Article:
While humans can readily identify basic-level categories such as table, turtle, or trumpet, recognition of subordinate-level categories within a domain (e.g. species of birds or make/model/year of vehicles) is very difficult and typically requires extensive experience or expertise with a given domain. To date, research efforts to develop computational approaches for the recognition of such subordinate or “fine-grained” categories have largely sought to apply the same techniques used for basic-level recognition, only on a larger scale (more categories).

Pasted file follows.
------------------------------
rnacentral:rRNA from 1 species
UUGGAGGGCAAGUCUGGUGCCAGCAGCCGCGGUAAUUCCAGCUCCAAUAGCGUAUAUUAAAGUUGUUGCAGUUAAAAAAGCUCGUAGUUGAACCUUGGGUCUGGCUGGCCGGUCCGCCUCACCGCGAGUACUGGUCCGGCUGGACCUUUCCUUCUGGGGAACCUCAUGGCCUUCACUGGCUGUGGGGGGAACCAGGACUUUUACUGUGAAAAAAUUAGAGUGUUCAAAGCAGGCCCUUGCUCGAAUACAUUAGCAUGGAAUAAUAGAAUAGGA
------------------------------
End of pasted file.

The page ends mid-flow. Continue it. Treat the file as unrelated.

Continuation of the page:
In this talk, I will describe directions that we are currently pursuing in my lab to address the specific challenges inherent in fine-grained recognition. The key underlying paradigm is a pose-normalized representation which pairs a captured domain-level model of geometry with category-specific appearance models. This representation enables objects to be perceived independent of pose, articulation or viewing angle. Distinguishing features are learned and recognition is performed in this pose-normalized space. I will conclude by discussing the integration of human domain expertise into computational models and the diverse applications of fine-grained recognition.